Louis Comfort Tiffany (American, 1848–1933)
Oil on canvas
27 1/2 x 38 1/2 in. (69.9 x 97.8 cm)
Gift of Louis Comfort Tiffany Foundation, 1921 (21.170)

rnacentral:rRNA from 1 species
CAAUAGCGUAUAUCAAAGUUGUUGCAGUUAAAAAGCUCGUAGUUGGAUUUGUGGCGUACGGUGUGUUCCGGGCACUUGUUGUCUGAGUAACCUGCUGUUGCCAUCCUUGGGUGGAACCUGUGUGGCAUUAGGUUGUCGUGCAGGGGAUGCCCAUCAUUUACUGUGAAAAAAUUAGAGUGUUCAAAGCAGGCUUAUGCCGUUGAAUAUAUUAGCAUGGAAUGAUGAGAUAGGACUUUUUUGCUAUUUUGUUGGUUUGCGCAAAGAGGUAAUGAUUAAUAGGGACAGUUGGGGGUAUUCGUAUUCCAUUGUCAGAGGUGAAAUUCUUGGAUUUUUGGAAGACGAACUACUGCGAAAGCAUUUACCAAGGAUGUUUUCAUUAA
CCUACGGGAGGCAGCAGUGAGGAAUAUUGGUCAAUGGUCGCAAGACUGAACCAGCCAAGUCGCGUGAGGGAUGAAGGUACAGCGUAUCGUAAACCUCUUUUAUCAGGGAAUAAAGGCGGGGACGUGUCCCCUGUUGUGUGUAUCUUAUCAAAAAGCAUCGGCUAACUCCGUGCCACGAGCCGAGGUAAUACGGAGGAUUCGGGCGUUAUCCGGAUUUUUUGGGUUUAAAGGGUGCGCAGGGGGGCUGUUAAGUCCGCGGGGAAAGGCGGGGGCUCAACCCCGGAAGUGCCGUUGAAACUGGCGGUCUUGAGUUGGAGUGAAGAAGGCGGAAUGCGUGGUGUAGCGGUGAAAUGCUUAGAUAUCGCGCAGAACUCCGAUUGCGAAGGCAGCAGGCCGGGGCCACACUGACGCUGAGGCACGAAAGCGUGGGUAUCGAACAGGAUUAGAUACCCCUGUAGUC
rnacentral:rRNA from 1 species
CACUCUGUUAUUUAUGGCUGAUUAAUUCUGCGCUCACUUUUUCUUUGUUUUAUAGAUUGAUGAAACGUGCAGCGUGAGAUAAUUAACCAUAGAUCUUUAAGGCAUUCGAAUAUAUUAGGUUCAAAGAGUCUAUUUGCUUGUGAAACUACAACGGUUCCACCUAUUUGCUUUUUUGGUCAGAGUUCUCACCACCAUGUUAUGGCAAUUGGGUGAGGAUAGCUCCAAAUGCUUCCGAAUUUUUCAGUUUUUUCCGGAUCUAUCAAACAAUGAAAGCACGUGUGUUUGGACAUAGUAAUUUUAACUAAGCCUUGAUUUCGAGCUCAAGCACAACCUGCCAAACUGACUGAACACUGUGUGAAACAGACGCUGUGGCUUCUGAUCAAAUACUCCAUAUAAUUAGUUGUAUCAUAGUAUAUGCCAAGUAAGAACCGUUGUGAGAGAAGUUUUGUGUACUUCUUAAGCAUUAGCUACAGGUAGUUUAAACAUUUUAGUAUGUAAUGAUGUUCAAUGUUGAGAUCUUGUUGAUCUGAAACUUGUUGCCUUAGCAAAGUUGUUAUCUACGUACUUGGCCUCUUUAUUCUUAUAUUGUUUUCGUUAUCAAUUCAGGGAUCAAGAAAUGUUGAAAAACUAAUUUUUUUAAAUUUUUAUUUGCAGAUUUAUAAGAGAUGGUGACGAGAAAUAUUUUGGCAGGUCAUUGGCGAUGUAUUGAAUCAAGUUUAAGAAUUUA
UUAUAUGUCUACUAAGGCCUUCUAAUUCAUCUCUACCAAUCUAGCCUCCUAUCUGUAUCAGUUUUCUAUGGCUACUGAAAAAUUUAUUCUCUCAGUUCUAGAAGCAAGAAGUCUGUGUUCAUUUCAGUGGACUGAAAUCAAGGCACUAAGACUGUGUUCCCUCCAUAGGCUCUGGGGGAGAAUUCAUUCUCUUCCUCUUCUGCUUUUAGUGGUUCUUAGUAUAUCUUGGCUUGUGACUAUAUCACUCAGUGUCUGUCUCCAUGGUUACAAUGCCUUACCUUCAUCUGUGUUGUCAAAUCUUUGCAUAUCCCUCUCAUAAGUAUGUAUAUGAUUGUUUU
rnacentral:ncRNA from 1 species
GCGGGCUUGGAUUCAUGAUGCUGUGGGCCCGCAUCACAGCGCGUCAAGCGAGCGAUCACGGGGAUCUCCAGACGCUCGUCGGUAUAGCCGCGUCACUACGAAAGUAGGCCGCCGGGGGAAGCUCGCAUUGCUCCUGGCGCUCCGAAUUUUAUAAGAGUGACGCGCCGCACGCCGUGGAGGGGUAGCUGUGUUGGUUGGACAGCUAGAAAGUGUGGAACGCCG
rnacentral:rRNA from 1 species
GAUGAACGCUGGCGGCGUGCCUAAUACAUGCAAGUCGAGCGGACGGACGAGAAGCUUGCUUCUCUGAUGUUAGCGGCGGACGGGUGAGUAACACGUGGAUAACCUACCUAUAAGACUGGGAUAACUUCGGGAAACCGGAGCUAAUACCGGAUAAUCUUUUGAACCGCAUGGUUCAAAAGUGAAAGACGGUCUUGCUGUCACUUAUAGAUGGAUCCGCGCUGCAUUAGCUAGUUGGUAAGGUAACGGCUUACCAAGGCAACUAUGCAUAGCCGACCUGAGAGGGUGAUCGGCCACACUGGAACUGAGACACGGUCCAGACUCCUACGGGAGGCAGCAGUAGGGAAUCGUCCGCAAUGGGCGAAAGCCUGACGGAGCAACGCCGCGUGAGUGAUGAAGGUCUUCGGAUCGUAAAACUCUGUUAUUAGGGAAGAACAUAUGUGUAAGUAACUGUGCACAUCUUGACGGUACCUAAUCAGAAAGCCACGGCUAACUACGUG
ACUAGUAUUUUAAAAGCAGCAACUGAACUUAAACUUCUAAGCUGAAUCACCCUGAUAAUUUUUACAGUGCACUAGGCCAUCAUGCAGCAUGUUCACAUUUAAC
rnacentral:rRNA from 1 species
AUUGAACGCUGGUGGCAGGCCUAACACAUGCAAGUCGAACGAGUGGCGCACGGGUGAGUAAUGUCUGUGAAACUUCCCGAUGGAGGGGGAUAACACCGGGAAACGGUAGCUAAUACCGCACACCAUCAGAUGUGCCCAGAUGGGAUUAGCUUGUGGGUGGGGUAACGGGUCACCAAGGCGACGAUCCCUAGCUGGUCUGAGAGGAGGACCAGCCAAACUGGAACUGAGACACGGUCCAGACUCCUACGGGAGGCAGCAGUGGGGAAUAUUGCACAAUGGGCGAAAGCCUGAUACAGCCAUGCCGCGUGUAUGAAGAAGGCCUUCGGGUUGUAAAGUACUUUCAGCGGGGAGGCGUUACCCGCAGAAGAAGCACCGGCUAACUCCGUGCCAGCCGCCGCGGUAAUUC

First exhibited at Snedecor's Gallery in New York in 1872, this painting highlights exotic subject matter popular during the late 1860s and early 1870s in both Europe and America. The composition closely resembles Jean-Léon Gérôme's The Snake Charmer (Sterling and Francine Clark Art Institute, Williamstown, Massachusetts). Through his extensive travels, Tiffany became versed in Islamic art and architectural traditions. Architectural elements such as the broad white columns and the roofline would reappear in subsequent decades in interiors and buildings he helped design, including the Tiffany house (1885) at 72nd Street and Madison Avenue and Laurelton Hall (19025), his Long Island country estate. The painting illustrates Tiffany's great interest in color and light, and shows a scene of intriguea snake charmer playing to a gathered crowd in North Africa. Exhibited at the 1876 Centennial Exhibition in Philadelphia, the painting remained in Tiffany's personal collection and later hung at Laurelton Hall until 1921, when it was donated to the Metropolitan.